This Scientific Advocacy Group Is Very, Very Concerned About The New Pick For NASA Chief


Robin Andrews

Science & Policy Writer


A shadow looms over the future of NASA. Andrii Myronov/Shutterstock

Jim Bridenstine, a twice-elected Republican member of the US House of Representatives, was picked by Trump in September to run NASA. This caused plenty of scientists and lawmakers at the time to worry for a plethora of reasons, and now the Union of Concerned Scientists (UCS) – a non-profit science advocacy group – has decided to try and block the nominee from making it through his Senate confirmation process.

“The job will require a NASA Administrator who can tell science from politics, and whose main objective is to advance the former,” Rachel Licker, a senior climate scientist at UCS, said in a blog post.

“Bridenstine would come into the NASA Administrator position, most often held by a scientist or a space professional, with no formal science or engineering training.” She adds that his “public remarks suggest that his current understanding of Earth science is largely informed by politically-charged skeptics of climate change research.”

Consequently, UCS is urging all Americans to contact their senator today, to “urge them to oppose Representative Bridenstine’s nomination and support a nominee who will stand up for science and promote NASA’s critical Earth Science research.”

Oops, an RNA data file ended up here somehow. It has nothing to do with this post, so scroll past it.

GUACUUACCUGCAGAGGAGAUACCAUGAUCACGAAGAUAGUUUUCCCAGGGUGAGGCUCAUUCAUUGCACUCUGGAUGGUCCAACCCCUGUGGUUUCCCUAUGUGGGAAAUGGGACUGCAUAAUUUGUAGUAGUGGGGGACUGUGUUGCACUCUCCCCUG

They’ve helpfully streamlined the process by setting up an online form, which will assist you in composing your letter of protest.


Although you don’t have to be a scientist to effectively run the venerable space agency – James Webb, for example, was neither a scientist nor an engineer, but President Truman’s Secretary of State – Bridenstine’s nomination last month drew bipartisan concern, chiefly because of his lack of experience in running something so enormous.

The UCS argue that a more concerning matter is that Bridenstine is clearly not sold on the science of climate change, something NASA invests a lot of time and research into, and something that the President is keen to defund. At best, Bridenstine is ambiguous on the scientific consensus; at worst, he’s an outright denier – and he often switches between these two unfortunate standpoints.

The Republican-run and breathtakingly anti-scientific House Committee for Science, Space and Technology, a body that regularly denies the existence of climate change, has often talked about moving all geoscience research away from NASA and subsuming it into another agency, as well as just killing it off entirely.

Bridenstine also happens to be a member of this committee, and as pointed out by UCS, he has previously supported both these catastrophic options.

“The products of [NASA’s Earth Science] endeavors form the basis of our nation’s weather forecasts, lead to new technologies that drive our economy forward, and help protect American lives, infrastructure, and investments,” the UCS concludes. “Doing away with or demoting these activities is a risk that Congress should not be willing to take.”


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